Well... I'm very stubborn and when my 2L TDI had issues about 5 years ago, everyone and everything I could find on forums about my problem was along the lines of "you need to replace the DPF". I refused to accept this, as my car was functioning perfectly in terms of performance otherwise, and my mechanical engineering and IT backgrounds were telling me that this would be impossible IF THE DPF WAS CLOGGED beyond repaid. Based on my practical mechanical and technology skills and comprehension of reality, I started reading every SSP program I could find on the engine\systems in order to find a solution. Eventually I did, and as a result I basically told the ECU that "I've replaced the DPF", to stop being a nanny, and to allow my emergency regen to take place. >:)

Everyone at the time told me that I would burn my vehicle down as a result, and I will admit that I had concerns about it, but being so stubborn, I actually performed the emergency regen regardless, while driving down an empty freeway at illegal speeds, with a fire extinguisher by my side, while being OK with the idea of potentially having to pull over and watch my car burn to ash on the side of the road.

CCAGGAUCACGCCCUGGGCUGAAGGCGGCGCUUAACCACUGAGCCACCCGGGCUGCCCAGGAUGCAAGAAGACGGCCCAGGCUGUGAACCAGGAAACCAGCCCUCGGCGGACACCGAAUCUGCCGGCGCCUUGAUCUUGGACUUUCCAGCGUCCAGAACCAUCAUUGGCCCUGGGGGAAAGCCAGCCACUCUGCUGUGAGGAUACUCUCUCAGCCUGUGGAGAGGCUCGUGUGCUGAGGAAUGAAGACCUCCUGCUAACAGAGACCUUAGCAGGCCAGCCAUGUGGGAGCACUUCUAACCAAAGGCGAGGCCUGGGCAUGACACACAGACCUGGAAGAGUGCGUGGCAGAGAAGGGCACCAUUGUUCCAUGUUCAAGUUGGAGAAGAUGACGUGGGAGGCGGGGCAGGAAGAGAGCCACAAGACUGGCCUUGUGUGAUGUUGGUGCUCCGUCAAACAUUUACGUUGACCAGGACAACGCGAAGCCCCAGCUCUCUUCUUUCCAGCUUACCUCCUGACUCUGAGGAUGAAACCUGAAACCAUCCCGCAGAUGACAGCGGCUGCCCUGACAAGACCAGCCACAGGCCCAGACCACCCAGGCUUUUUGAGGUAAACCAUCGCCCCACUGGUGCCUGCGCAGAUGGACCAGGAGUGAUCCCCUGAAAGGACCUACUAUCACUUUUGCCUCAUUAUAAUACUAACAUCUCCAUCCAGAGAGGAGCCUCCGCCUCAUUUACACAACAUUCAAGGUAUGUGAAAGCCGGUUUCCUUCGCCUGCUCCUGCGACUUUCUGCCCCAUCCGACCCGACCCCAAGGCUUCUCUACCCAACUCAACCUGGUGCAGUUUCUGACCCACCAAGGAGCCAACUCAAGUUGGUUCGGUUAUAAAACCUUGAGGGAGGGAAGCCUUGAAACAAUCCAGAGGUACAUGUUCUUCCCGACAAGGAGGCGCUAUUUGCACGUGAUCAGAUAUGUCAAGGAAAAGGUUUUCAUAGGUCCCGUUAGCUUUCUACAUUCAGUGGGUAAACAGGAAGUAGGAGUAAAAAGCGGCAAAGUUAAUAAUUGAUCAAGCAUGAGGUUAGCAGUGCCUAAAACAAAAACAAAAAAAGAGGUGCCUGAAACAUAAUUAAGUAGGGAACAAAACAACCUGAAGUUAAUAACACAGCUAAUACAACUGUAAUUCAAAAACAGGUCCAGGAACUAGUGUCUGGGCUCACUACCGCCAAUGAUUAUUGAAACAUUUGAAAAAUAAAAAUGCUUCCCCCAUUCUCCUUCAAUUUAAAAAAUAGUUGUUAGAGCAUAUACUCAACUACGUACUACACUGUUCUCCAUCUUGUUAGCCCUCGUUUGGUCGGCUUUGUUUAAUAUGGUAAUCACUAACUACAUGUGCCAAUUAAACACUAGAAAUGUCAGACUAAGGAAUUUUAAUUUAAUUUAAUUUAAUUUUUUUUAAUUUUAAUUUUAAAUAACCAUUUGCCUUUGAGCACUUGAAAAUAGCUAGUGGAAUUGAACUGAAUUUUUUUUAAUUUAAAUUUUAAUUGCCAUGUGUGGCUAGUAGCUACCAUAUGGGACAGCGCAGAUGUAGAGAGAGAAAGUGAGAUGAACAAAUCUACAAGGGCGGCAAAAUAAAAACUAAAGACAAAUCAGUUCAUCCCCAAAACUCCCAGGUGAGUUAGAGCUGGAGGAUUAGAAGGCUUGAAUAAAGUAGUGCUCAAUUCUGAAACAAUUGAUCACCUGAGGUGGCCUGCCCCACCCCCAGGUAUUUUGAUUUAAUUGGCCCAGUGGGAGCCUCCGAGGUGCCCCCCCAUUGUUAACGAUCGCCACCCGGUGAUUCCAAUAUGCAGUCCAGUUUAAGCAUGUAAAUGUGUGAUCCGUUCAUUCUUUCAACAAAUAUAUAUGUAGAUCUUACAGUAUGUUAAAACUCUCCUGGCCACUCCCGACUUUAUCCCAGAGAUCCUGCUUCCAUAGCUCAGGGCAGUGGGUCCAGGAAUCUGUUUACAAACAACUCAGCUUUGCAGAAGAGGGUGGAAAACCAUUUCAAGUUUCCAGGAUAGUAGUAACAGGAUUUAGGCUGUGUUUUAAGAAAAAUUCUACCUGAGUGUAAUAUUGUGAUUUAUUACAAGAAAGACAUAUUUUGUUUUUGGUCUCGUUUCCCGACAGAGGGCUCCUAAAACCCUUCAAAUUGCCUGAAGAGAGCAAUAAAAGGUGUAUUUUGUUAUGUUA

Other than that, I've had a few VWs in my past, raced\modified both cars\trucks and motorcycles, and have always done my own wrenching as much as possible..... plus been around a few forums and have had plenty of exposure to others who have provided both good and bad knowledge....

No one knows it all, but collectively, we know a lot.

Anyways, I just recently picked up the Touareg after the dieselgate, especially because I am very familiar with all that fiasco from still owning my Jetta and having gone through it all, and as a result, now I'm following the same "going to school approach" on the 3L system which is very similar to the 2L system.....

Why do I feel like I just had a job interview? LOL
 

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From my own experience (T3 2013 V6 TDI Touareg) the "passive" burn of the soot in the DPF deosn't happen until I'm cruising at about 85MPH.
You can tell this is a German car if they think Autobahn speeds are the norm !

The android app "VAG DPF" in combination with a cheap Bluetooth ELM327 ODB device gives a very good overview of the state of the DPF without resorting to VCDS.